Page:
Last week, the Chairman of the Elections Commission wrote to the Secretary to the President, effectively the head of the civil service, to appraise His Excellency the President, that a general election to Parliament could not be held as per his gazette notification of March 2nd, prematurely dissolving the Parliament of Sri Lanka, four and a half years into its five-year term. Hard on the heels of this missive from the Elections Commission, several smaller political party leaders, have called for the recall by the President of his gazette notification on the grounds that the state of public health does not allow for the mass socialization and internal migration which a general election necessarily entails. In the alternate others have called for summoning of the dissolved parliament as permitted in the Constitution, for the purpose of a national emergency. The rationale for the recall of Parliament or the rescinding of the gazette dissolving parliament, is that Parliament has a further period in its term and the early dissolution was a discretionary political move, a presidential prerogative under the constitution after the lapse of four and a half years after a parliamentary election, but now impractical under the existing public health situation and hence should be withdrawn, as it is impractical and not implementable.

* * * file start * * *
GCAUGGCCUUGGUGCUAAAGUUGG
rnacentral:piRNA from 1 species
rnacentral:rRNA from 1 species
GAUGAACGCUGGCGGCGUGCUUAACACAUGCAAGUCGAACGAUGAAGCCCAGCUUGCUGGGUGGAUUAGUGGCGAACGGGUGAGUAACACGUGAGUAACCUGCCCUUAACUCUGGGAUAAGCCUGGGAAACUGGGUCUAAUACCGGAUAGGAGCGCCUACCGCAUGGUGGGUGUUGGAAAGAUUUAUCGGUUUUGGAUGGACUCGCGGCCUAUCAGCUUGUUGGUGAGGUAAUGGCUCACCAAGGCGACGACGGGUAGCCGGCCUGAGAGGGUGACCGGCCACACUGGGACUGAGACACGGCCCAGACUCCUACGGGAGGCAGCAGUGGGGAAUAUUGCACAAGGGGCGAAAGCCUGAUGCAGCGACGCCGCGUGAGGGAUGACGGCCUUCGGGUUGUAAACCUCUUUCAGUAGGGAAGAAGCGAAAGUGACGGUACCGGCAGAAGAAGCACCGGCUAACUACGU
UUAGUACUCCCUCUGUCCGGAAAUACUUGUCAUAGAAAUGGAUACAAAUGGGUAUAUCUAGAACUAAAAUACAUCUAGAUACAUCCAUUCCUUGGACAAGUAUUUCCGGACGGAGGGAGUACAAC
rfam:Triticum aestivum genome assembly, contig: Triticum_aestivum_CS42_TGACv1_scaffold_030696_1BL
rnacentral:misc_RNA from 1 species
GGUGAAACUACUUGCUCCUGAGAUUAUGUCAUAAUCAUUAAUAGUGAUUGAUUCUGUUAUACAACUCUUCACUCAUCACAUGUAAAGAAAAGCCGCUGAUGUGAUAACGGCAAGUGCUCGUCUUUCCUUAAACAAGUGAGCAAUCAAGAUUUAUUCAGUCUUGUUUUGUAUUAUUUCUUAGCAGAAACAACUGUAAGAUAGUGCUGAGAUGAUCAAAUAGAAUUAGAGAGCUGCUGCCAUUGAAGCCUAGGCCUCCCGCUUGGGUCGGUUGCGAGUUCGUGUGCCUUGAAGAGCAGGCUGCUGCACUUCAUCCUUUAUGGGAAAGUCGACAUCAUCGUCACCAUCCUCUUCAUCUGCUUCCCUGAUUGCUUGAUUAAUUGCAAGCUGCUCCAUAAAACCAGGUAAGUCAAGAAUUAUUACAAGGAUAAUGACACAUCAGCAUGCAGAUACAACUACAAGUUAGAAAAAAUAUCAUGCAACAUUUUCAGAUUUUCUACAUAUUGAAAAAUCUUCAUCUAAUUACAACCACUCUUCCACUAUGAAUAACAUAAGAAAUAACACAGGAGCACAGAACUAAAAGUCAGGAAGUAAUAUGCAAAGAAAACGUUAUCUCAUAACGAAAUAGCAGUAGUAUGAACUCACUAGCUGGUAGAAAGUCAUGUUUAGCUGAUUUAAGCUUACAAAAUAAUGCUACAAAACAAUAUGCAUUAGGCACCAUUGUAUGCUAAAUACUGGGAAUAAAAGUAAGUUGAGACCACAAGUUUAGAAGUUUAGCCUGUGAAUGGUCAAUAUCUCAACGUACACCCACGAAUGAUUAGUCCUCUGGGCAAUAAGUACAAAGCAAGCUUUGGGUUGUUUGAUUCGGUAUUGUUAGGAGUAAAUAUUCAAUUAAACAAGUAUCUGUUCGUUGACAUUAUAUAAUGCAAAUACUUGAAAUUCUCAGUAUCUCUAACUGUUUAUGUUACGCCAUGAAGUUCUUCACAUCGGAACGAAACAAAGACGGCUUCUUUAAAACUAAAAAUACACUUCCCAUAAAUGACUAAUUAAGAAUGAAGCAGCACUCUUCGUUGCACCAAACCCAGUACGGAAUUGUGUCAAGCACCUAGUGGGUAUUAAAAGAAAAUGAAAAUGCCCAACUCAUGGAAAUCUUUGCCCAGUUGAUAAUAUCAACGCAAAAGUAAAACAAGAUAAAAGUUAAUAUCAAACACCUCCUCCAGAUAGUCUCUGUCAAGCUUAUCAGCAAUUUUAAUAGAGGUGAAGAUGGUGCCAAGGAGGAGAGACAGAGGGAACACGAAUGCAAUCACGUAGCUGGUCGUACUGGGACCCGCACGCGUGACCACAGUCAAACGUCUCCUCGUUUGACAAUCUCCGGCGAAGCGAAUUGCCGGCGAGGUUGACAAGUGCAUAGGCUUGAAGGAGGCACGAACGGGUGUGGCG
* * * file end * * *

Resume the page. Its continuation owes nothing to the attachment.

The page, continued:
Several analysts and government voices have argued that the government is handling the Coronavirus situation satisfactorily and there is no need to summon parliament. However, several compelling arguments to the contrary exist. Firstly Sri Lanka, like any other civilized nation on earth, is not fighting the virus with its constitution suspended and under an emergency. Other civilized nations in the world have not done so either. This global pandemic is being fought by nations as civilized societies under the rule of law. Accordingly, under law basic and crucial public finance issues exist. It is a well-founded principle in most democratic governance norms, including in Sri Lanka, that the control of public finance, through the approval of the annual state budget and the oversight of government expenditure by the executive is done by the legislature, in the tradition of the separation of powers and the checks and balances, inherent and essential in a democratic society under law.